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Sericulture- An important allied sector of agriculture

India is primarily an agricultural country. The farming sector provides employment to nearly 2/3rd of the work force. The largest industries of the country like sugar, jute, textiles, food processing, etc. are dependent on agriculture for their raw materials.

Beside this animal husbandry, dairy, fishery, horticulture and sericulture are the allied sectors of agriculture. Now we will discuss sericulture briefly.

From ancient time, silk has become an inseparable part of Indian culture and tradition. No ritual is complete without silk as a wear. Sericulture and silk textile industry is one of the major agro-best cottage industry which is also an agro-best labour intensive industry.

Major activities involve in a sericulture industry are:

1. Cultivation of mulberry plants.
2. Rearing of silk worms for the production of raw silk
3. Reeling the cocoons for unwinding the silk filament
4. Other post cocoon processes such as twisting, dyeing, weaving, printing and finishing

Sericulture is one of the most labour intensive sector, combining activities of both agriculture and industry .So it is immensely helpful in developing rural economy.

India ranked second major raw silk r in the world .Silk is a high value but low volume product accounting for only 0.2% of worlds total textile production. It churns out value added products of economic importance.

Types of silk:

There are five major types of silk of commercial importance obtained from different species of silk worms. India has the unique distinction of producing all these varieties of silk. The five vanities of silk may be divided into two broad categories:

Mulberry Silk
It comes from the silk worm Bombyx mori L. which solely feeds on the leaves of the mulberry plant. The bulk of the commercial silk d in the world comes from this variety. In India, the major mulberry silk producing states are:
2.Andhra Pradesh
3.West Bengal
4.Tamil Nadu
5.Jammu and Kashmir
Which together accounts for 92% of country’s total mulberry raw silk production.

Vanya Silk or Non Mulberry Silk
1. Temparate Tasar Silk: It is produced by the silk worm ,Antheraea mylitta which mainly thrive on the leaves of Asan and Arjun.Tasar is a copperish color,coarse silk mainly used
for furnishing and interior decorations. In India, the major Tasar silk producing states are Jharkhand, Chattisgarh and Orissa, Maharashtra, West Bengal and Andhra Pradesh.

2. Tropical Tasar Silk or Oak Tasar Silk: It is a finer variety of tasar produced by the silk worm Antheraea Proyeli J. which feeds on plants of oak. In India, it is mainly found in the sub Himalayan belt of India covering the state of Manipur, Himachal Pradesh, Uttar Pradesh, Assam, Meghalaya and Jammu and Kashmir.

3. Muga Silk: It is a golden yellow silk obtained from semi-domesticated multi voltine silk worm, Antheraea Assamenses. This silk worms feed on the aromatic leaves of Son and Soalu plants. Muga silk is the pride of Assam and is an integral part of the tradition and culture of the state. India holds the monopoly in producing Muga silk. It is the only one cash crop in agriculture sector that gives return within 30 days.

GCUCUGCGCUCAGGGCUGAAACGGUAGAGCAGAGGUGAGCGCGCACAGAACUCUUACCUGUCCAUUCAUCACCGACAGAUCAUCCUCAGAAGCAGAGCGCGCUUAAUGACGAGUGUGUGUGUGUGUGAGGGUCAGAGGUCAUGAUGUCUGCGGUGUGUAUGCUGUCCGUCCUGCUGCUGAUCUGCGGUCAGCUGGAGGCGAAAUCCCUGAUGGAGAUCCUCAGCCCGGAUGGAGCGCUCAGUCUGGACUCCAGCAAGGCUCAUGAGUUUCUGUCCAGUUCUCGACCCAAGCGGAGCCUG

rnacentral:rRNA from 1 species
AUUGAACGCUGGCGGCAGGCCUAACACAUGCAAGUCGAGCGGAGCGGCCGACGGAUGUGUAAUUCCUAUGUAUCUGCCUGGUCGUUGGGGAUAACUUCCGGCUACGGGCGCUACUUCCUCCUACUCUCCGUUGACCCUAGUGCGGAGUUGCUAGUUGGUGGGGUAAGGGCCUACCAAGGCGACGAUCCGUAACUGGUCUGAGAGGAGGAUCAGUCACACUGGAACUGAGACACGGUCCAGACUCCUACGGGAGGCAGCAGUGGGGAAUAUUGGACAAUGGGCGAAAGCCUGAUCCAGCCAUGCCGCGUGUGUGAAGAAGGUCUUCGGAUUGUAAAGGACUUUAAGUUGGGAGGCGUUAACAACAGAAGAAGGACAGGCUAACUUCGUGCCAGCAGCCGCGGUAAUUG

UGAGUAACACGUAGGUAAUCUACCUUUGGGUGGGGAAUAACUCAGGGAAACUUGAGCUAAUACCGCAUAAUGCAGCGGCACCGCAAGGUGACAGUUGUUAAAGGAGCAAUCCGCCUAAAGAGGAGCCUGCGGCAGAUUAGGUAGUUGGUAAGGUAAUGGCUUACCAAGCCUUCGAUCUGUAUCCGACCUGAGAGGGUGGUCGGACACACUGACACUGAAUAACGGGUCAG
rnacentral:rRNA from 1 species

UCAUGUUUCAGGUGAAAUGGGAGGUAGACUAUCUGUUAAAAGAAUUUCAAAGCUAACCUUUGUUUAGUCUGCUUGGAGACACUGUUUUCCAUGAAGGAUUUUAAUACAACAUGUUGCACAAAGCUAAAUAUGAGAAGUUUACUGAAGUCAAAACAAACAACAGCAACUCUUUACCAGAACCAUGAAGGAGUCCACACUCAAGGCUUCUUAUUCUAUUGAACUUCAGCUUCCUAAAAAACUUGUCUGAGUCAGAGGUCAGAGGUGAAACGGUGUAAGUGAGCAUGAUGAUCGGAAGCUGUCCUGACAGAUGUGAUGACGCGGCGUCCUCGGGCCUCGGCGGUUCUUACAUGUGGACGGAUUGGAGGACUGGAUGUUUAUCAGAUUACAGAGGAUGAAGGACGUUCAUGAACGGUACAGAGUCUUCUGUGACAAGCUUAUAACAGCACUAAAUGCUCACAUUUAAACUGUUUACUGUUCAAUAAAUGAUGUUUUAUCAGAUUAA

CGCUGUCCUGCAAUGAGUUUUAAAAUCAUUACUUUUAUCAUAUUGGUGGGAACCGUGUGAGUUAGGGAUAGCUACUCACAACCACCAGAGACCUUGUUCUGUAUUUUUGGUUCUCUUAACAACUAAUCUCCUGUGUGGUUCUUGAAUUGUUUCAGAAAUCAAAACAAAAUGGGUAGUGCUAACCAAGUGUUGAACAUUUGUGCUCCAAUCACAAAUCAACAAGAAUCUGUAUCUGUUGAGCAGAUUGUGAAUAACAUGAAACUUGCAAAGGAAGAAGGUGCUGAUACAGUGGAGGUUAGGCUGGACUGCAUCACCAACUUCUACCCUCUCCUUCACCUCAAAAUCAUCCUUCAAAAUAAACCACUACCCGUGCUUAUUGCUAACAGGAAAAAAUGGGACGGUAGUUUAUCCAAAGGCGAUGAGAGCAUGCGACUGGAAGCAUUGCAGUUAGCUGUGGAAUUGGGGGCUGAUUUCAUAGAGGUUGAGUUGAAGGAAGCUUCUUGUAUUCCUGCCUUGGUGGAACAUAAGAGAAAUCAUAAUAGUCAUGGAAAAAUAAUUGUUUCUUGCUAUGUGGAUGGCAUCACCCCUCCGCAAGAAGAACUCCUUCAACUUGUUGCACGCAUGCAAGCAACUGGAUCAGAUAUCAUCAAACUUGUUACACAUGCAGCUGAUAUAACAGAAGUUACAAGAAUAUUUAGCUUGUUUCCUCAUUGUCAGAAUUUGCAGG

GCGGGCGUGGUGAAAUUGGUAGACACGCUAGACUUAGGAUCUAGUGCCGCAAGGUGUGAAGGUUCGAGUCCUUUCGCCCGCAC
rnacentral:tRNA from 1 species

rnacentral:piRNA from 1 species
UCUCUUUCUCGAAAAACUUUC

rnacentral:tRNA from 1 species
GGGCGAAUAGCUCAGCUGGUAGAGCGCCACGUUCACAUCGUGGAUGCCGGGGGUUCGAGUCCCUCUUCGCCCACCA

4.Eri Silk (Endy or Errandi): It is the product of a domesticated silk worm, Philosamia Ricini that feeds mainly on castor leaves. It is a multi voltine silk worm from open ended cocoons unlike other varieties of silk. In India, this culture is practiced mainly in the North eastern states including Assam .It is also found in Bihar, West Bengal and Orissa. Eri culture is a house-hold activity practiced mainly for pupae, a delicacy for tribal communities. The Eri silk is used indigenously for preparation of chadar (wraps) for own use of these tribal communities.

Geographically, Asia is the main production hub of silk in the world and covering over 95% of the total global output. But bulk of it is produced in China, India, Japan, Korea and Brazil. India contributes about 18% to the total world raw silk production.

Seri culture emerged as an important economic activity, becoming increasingly popular in several parts of the country, because of its short gestation period, quick recycling of resources. It suits very well to all types of farmers exceptionally marginal and small land holders as it offers rich opportunities for enhancement of income and creates own family employment down the year .The Indian silk goods have high export potential because of its distinctness of low production cost. During 2007-2008 (until September 2007), the total silk exports were rupees 1376.91 crore. It is estimated that up to March 2008, the total silk export is likely to reach Rs .3,500.00 crores. It is a high income generating industry which is regarded as an important tool for economic development of the country.

Written by:
Ratnadipa Dasgupta Sarkar


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